Warren County horse trainer shot himself; officer shot in head improves, police say

Six shots rang out in a cruiser camera video of a shooting Tuesday night that critically wounded a Clearcreek Twp. police officer and killed a 65-year-old man at his horse farm.

Officer Eric Ney, a 14-year veteran, was shot across the face and was flown in critical condition to Miami Valley Hospital after he and Sgt. Nicole Cordero responded to a domestic violence call.

Clearcreek Twp. Police Chief John Terrill said during a Thursday afternoon media briefing that Ney regained consciousness on Wednesday, and that on Thursday he was up and even did a bit of walking. However, his wounds are severe and he has a long recovery ahead of him, the chief said. He remains listed in critical but stable condition.

The suspect, 65-year-old Mark Evers, was shot by Cordero in the department’s first officer-involved shooting since its founding in 1975.

Evers was well known across the country as a harness racing trainer-driver. The United States Trotting Association recorded that Evers had 830 wins as a harness racing driver and 452 wins as a trainer. He conditioned the 2021 Dan Patch Two-Year-Old Pacer of the Year, Monte Miki, winner of the Metro Pace and the Breeders Crown, according to Harnesslink.com.

Warren County Prosecutor David Fornshell, who joined the chief for the media briefing, said that Evers also apparently shot himself.

“Mr. Evers suffered a contact wound to his head,” Fornshell said. “It is apparent that Sgt. Cordero is not close enough to Mr. Evers to have inflicted that contact wound.”

This means that the Ohio Bureau of Criminal Investigation will have to analyze the video, audio, shell casings and other evidence to determine the sequence of events, he said.

“Based upon the information provided by the autopsy yesterday, we do know at this point in time that (Evers) was shot multiple times, there was a contact wound to his head — which could have been fatal — and there was also at least one other gunshot to his torso, which itself could have been fatal,” Fornshell said. “However, the sequencing of which of those shots came first may dictate how the coroner ultimately decides whether this is a suicide, a homicide or if they’re not able to determine the sequencing, an undetermined manner of death.”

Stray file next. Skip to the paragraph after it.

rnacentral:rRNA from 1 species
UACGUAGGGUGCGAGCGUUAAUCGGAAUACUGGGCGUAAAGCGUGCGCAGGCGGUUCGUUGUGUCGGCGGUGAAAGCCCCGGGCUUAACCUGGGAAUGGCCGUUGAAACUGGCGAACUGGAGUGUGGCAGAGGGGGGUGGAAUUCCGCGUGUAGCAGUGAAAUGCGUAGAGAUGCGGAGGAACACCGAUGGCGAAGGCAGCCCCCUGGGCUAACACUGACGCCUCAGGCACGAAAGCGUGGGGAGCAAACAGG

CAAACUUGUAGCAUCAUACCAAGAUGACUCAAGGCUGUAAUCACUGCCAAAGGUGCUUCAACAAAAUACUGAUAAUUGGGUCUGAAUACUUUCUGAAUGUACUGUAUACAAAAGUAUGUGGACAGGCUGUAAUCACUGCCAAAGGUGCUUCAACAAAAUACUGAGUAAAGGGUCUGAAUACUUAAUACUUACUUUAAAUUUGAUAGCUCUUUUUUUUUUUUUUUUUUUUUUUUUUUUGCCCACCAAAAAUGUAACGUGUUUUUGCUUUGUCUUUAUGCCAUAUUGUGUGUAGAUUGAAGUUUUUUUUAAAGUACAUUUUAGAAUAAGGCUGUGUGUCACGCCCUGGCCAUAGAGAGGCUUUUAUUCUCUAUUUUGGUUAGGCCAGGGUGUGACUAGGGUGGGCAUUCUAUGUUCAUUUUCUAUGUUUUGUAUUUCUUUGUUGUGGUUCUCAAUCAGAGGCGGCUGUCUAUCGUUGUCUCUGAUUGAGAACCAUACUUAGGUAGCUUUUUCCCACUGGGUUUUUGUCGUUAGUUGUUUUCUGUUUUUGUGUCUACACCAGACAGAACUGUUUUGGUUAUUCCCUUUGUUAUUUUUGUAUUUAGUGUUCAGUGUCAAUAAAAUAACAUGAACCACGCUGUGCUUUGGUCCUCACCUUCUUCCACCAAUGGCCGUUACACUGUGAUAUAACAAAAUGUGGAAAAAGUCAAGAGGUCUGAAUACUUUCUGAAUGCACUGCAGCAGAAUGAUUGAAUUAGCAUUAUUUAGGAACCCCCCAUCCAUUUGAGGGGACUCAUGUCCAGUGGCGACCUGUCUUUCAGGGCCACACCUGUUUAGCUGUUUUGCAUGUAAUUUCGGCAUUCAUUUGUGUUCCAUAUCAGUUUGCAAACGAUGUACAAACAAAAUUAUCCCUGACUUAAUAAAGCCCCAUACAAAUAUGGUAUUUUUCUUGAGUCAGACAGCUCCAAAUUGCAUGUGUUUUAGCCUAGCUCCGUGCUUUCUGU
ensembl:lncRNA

Officers responded around 7:15 p.m. Tuesday to the 5900 block of state Route 48 on a report of a man ramming an ATV into his wife’s vehicle while they were involved in a fight at their farm. Police had been to the home multiple times in the past and some of those complaints included information about a weapon, but officers never before were called for domestic violence, Terrill said.

Evers’ wife called police after she and her husband argued about the way she wrapped a horse’s legs, Terrill said. When police arrived, they saw Evers on an ATV, ramming his wife’s vehicle, he said, before Evers drove off to the back of his property. Cordero and Ney were there for about an hour, speaking to him by cellphone and trying to coax him to return to the front of the farm so they could speak to him.

“It was the intent of the officers to arrest him for domestic violence, based upon the information that we had from the wife up to that point as to what had transpired,” Terrill said.

Evers finally agreed to return but wanted officers to remain 10 feet away. At one point, Cordero was able to give him paperwork to fill out and asked him to turn off the Gator’s engine.

“The Gator guns, you can hear the engine rev as maybe he was trying to take off. It was her intent at that point in time to arrest him for the domestic violence charge,” Terrill said. “In the video you will see him bail out the other side of that vehicle. He will raise his arm, and I think you can discern two shots fired at Officer Ney who was in front of the vehicle walking around. If you watch the video when you hear her say ‘put that gun away,’ he does pull out a gun.”

Cordero retrieves her gun and returned fire.

“This whole thing takes about 10, 15 seconds and it’s over,” Terrill said.

Ney and Cordero had been with the force since about 2008. Cordero, who is on paid administrative leave pending the BCI investigation, coordinates the department’s National Night Out and runs the Safety Town program.

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